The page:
If there is one single workplace Health and Safety issue that can affect most employees, it could well be Work-Related back pain.
As an employer we must protect our employees from the risks of developing back pain caused by work activities. Together, employers and employees can take simple steps to manage back pain in the workplace and in this short article, we shall look these steps.
A Quick Overview
Work-related back pain is prevalent and often debilitating that can affect any employee across a wide variety of sectors and industries in the UK. Not only do employers have a legal obligation, but we also have a moral obligation to ensure the health, safety and welfare of our employees. Additionally, they are sound financial reasons for effectively managing the risks of work-related back pain.
Understanding the Legal Framework
The principal piece of H&S Legislation in the UK is the Health and Safety at Work Act, this act allows the UK Government to introduce the specific legal requirements on areas of risk such as the Manual Handling Operations Regulations and the Management of Health and Safety at Work Regulations. These regulations do not just lay out an employer’s legal duty, they are usually accompanied by specific guidance on how to comply. A quick and simple example of this the regulations provide specific guidance on the safe handling of loads, including lowering, pushing and pulling.
What are The Causes of Back Pain at Work?
To help understand what action is needed, let’s look at some of the more common causes. We will cover in more detail later why we should also think about employees we know already suffer from back pain as some task/activities can make existing back pain worse.
- Lifting heavy, or bulky loads.
- Carrying loads incorrectly or awkwardly.
- Pushing, pulling or dragging heavy loads.
- Carrying out manual handling tasks in awkward places.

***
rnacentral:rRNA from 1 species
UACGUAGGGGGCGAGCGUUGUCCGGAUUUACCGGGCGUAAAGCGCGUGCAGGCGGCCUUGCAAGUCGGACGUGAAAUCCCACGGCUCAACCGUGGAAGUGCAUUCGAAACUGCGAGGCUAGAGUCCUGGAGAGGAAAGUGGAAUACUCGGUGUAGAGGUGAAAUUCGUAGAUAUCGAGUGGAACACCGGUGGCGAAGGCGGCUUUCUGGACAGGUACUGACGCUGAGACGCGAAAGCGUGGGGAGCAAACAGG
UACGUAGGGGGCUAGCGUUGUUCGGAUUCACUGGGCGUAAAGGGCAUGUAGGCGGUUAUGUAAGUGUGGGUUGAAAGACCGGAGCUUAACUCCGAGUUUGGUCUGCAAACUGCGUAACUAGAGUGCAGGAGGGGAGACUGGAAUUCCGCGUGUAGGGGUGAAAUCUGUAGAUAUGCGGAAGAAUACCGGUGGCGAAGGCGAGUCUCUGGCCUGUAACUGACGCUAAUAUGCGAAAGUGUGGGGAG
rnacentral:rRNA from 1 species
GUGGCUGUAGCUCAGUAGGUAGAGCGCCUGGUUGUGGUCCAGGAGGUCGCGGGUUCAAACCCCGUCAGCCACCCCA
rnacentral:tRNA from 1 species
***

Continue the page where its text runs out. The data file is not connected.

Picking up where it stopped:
- Repetitive tasks such as packing products or on production lines.
- Bending, crouching or stooping.
- Stretching, twisting and reaching.
- Being in one position for prolonged periods.
- Working beyond one’s capability (each individual has varying capabilities for varying reasons) or when physically overtired.
- Poor posture when working with Display Screen Equipment (DSE).
- Driving long distances without regular breaks or over rough ground especially when a seat is not or cannot be properly adjusted or when operating heavy mobile work equipment e.g., excavators and forklift trucks.
Key Steps in Managing Back Pain:
- Avoid obvious work activities that can cause back pain where reasonably practicable.
- If the work cannot be avoided, then a risk assessment should be undertaken to identify what steps can be taken to reduce the risk of back pain.
- Once you’ve decided on the control measures, implement them and monitor their effectiveness and that they are being applied and review them periodically.
- When carrying out your risk assessment refer to the guidance we discussed earlier along with the additional guidance published by the Health and Safety Executive (HSE) on the subject and depending what sector you are in you will often find guidance published by trade bodies, industry in general and the NHS. Additionally, as part of your risk assessment process you should consult your employees as their knowledge and experience can be invaluable and remind them that they should report any health and safety concerns to their Supervisor or Manager.
Information, Instruction and Training for employees detailing the hazards and risks that can lead to back pain along with instruction on safe lifting techniques will help reduce the risk of back pain.
Generally Managing Risk of Back Pain in the Workplace